Tracking Information Flows in Interactive and Object-Oriented Programs
Licentiatavhandling, 2012

This thesis improves the current state of the art on information-flow control of interactive and object-oriented programs, respectively. Given a policy which specifies which information flows are permitted in a program, the objective here is to ensure that only flows satisfying the policy can occur. The challenge is to develop a sane policy and an automated, permissive enforcement mechanism for said policy. For interactive programs, we give a progress-sensitive noninterference (PSNI) policy which takes into account the confidentiality level of the presence of messages. We show that the finer granularity obtained through presence levels makes PSNI parallel compositional, and we give a proven-sound, static, flow-sensitive type-based enforcement of PSNI. We show that for deterministic interactive programs, it suffices to consider simple stream-based attackers. We develop in this setting a progress-bounded noninterference (PBNI) which bounds the leak through progress observations to a logarithm of the number of observable inputs to the program. We combine a static, flow-sensitive type-based enforcement for a progress-insensitive noninterference policy and a output-buffering program transformation to a hybrid enforcement of PBNI for a language inspired by JavaScript. The enforcement tracks flows through hithero untreaded language constructs, such as event propagation, event hierarchies and event handler switching. For object-oriented programs, we present a static, flow-sensitive type system for tracking flows through lazy static class initializations with persistent failures, a language construct in languages such as Java and C#, untreated by tools such as Jif. We show how a class initialization status can be utilized as a covert channel for moving 1 bit of information, and show that the type system enforces a termination-insensitive notion of noninterference.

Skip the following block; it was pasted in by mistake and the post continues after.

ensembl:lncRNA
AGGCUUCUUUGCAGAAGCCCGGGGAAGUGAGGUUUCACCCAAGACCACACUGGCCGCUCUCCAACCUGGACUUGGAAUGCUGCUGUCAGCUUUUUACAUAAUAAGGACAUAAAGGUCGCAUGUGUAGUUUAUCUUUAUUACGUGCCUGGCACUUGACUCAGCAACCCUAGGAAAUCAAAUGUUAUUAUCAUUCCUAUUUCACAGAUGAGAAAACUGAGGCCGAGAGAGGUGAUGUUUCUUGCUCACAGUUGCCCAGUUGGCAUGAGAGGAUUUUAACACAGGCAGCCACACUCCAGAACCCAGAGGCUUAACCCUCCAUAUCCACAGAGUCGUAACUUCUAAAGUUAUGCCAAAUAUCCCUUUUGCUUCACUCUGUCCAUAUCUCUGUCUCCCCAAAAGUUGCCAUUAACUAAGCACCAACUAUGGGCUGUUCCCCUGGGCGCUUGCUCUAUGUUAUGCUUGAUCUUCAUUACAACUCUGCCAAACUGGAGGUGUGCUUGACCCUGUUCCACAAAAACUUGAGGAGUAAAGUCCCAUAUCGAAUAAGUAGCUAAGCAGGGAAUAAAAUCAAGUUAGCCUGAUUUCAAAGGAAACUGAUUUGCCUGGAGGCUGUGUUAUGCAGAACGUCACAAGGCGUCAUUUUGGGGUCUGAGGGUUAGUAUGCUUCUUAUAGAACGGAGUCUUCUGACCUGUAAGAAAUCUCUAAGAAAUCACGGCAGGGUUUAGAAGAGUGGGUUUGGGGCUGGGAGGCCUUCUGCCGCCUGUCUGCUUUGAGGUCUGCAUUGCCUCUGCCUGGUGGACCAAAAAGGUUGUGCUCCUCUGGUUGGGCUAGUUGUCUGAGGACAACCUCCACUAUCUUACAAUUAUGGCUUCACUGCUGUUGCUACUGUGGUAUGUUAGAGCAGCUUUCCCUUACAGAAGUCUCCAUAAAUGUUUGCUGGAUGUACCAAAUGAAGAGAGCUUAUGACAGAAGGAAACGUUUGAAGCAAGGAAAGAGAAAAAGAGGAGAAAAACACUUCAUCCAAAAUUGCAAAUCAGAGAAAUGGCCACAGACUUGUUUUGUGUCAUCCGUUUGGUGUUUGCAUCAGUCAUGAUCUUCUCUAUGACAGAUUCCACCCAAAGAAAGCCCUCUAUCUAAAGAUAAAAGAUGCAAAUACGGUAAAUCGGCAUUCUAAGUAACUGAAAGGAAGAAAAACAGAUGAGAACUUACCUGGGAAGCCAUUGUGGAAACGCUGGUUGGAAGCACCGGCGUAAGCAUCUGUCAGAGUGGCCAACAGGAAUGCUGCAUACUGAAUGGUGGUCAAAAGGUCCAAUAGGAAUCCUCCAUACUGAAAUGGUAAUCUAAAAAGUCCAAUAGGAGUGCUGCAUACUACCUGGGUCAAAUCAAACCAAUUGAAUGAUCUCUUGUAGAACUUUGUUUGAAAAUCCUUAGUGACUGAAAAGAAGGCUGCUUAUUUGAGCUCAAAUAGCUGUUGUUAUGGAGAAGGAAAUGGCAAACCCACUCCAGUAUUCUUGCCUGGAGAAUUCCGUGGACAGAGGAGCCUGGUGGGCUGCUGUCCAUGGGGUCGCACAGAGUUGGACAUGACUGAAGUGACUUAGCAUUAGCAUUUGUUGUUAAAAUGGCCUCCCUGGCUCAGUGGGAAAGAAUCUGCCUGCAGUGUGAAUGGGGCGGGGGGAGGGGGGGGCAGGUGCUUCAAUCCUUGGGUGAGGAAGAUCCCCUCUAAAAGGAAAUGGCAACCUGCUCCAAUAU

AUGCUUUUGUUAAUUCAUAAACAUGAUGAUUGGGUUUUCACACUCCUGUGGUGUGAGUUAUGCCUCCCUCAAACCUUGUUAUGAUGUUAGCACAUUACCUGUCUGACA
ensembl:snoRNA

information security

privacy

static analysis

information flow

program analysis

confidentiality

dependency analysis

EC
Opponent: David Clark, Department of Computer Science, University College London, United Kingdom

Författare

Willard Thor Rafnsson

Chalmers, Data- och informationsteknik

Limiting Information Leakage in Event-based Communication

ACM SIGPLAN Workshop on Programming Languages and Analysis for Security,; (2011)p. (Article no. 4)-

Paper i proceeding

Styrkeområden

Informations- och kommunikationsteknik

Fundament

Grundläggande vetenskaper

Ämneskategorier

Programvaruteknik

Technical report L - Department of Computer Science and Engineering, Chalmers University of Technology and Göteborg University: 1652-876X

EC

Opponent: David Clark, Department of Computer Science, University College London, United Kingdom